Talk to a child support attorney in Richardson about child support in Texas, because it’s a big deal. The order will be in place until your children are 18 in most cases, and some special circumstances, like medical conditions or disabilities, may even call for it to be in place indefinitely. At any rate, properly allocating support is crucial for your children’s well being.
While the courts have guidelines in place for determining which spouse pays support and how much, the process can easily get confusing. Because there is so much at stake when dealing with these rulings, an attorney may help you make sense of the process.
Determining Who Must Pay Child Support
In most every case, the parent who does not have primary custody of the children must pay support. This is because the other parent is likely paying for the bulk of the children’s living expenses. One thing to note, though, is that just because one parent must pay support does not necessarily mean he or she will have shared custody or access to the children.
Determining How Much Child Support One Parent Must Pay
In one aspect, these cases are may be pretty cut and dry. But when the parent paying support makes more than a certain net income every month, there is some wiggle room.
For starters, Texas courts typically use the following guidelines for an “obligor” —parent paying support — earning $7,500 or less net income a month:
- one child – 20% of net monthly income;
- two children – 25% of net monthly income;
- three children – 30% of net monthly income;
- four children – 35% of net monthly income;
- five children – 40% of net monthly income; and
- six children – no less than 40% of monthly income.
When the obligor’s monthly net income is more than $7,500, the same guidelines will be used with one pertinent exception: if the “obligee” — parent receiving support — can prove the children have needs warranting more than the above listed amounts, the other parent may be ordered to pay a higher amount. There are limits on these orders. A child support attorney in Richardson can talk to you more about those specific concerns.
Special Considerations with Support Orders
In most cases, orders follow the state’s guidelines and formulas. There are some instances which require special attention, including:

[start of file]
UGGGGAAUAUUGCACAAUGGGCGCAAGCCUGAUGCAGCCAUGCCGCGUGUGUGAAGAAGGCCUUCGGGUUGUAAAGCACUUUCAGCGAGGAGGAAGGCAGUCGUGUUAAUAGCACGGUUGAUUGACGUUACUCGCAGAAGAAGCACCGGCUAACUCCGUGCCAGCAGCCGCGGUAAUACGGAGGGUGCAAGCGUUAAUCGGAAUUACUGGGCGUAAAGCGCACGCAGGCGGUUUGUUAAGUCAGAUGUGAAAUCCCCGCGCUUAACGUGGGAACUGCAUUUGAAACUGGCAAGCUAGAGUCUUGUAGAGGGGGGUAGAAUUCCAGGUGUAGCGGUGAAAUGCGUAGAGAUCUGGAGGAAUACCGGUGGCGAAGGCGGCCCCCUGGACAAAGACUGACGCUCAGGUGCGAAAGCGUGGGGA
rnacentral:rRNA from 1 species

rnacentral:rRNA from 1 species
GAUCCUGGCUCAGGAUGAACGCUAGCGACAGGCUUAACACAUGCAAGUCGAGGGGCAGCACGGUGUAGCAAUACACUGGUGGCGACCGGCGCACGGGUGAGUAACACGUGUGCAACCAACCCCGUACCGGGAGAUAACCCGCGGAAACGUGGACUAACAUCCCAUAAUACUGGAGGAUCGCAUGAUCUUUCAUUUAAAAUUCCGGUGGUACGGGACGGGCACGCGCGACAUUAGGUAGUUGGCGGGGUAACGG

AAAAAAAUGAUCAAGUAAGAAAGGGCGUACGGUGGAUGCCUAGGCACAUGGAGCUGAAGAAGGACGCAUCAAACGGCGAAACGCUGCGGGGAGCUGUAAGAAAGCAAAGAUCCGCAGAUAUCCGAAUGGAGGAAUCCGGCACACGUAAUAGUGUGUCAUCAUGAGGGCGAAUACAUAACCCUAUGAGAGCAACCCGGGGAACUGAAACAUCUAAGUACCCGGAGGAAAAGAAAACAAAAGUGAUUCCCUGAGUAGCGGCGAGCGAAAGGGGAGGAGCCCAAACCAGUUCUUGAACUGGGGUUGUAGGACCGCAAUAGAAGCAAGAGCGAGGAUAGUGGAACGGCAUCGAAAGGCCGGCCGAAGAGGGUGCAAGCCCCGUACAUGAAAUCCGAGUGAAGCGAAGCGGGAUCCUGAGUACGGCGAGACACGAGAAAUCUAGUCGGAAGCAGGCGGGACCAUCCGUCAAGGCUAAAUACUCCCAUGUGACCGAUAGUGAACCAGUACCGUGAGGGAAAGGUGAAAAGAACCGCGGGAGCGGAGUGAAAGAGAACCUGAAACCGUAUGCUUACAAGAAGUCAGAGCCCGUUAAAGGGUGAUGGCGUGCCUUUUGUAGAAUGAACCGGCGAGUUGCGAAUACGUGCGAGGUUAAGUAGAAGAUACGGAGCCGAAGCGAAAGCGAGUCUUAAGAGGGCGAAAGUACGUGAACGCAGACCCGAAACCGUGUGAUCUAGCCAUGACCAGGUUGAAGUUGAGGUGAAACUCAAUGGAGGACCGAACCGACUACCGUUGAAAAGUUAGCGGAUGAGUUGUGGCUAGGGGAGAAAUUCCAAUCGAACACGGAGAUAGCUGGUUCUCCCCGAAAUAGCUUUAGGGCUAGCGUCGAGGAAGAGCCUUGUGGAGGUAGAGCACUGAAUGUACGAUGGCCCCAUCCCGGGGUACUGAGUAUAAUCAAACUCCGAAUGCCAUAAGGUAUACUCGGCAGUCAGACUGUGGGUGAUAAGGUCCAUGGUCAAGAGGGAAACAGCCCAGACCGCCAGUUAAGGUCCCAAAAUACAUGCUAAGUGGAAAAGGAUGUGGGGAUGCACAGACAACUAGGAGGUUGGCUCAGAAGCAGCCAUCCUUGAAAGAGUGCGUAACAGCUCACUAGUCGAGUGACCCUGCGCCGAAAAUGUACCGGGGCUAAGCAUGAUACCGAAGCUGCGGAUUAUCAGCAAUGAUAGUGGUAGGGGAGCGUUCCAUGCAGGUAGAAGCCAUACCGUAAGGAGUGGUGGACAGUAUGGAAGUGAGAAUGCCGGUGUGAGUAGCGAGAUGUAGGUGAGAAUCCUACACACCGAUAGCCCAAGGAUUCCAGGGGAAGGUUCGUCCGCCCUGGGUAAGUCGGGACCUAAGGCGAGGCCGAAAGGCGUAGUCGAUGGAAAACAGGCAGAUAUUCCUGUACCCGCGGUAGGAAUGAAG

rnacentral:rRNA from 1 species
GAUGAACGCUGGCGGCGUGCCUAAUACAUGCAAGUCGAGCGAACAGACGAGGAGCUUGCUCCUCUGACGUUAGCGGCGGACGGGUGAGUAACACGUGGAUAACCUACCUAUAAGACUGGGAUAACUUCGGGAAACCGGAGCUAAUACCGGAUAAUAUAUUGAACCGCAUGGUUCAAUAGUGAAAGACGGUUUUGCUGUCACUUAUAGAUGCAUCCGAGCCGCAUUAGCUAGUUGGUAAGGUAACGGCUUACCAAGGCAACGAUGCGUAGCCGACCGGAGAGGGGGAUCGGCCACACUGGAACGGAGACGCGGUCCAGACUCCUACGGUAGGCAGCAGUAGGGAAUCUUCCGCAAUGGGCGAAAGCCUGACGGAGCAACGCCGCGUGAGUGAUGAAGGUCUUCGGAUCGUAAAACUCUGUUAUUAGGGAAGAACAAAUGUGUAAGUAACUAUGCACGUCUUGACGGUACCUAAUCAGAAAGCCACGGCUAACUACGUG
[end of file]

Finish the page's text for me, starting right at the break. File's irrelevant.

- adult disabilities, meaning children who may require care and support indefinitely because of physical or mental disabilities;
- health needs, including who is responsible for health insurance, premiums and medical costs; and
- other circumstances, meaning courts may stray from the guidelines if it is in the child’s best interests for a number of reasons.
When special determinations need to be made, the courts will consider your children’s needs, age, and each of your financial situations. If your case comes to this point, having a child support attorney in Richardson who can meet with you regularly and build strong arguments on your behalf can make all the difference in the outcome.
Making Modifications to a Court Order
What happens when the order has already been made and your circumstances change? Maybe you’re the parent caring for your child and he or she has developed serious medical issues that warrant an increase in support. Or perhaps you’re the parent paying support and you have lost a job or endured another unexpected life event that has significantly lowered your income.
Whatever the case, parents who need to modify these orders have two options: either enter into the child support review process (CSRP) and come to an agreement, or request a court hearing, which can take a lot longer.
To get a modification, the current monthly amount must differ by 20 percent or $100 in the amount that would be awarded and at least three years must have passed since the last modification or when the order was first established. Substantial changes in circumstance since the order was made may also warrant a modification.
When you decide to work with an attorney, you don’t have to play a guessing game at important issues regarding awards and modification. Instead, you’ll have someone to guide you every step of the way concerning your best interests, and most importantly, that of your children.
Need an Attorney? We Can Help
At Warren & Migliaccio LLP, we believe family is important. And through our years practicing family and bankruptcy law, we also know that circumstances may come up during your life that necessitates legal help. Child support is one crucial concern during divorce proceedings. We’re here to provide the guidance you need to proactively plan for your future. Call our Richardson law office today at 1-888-584-9614.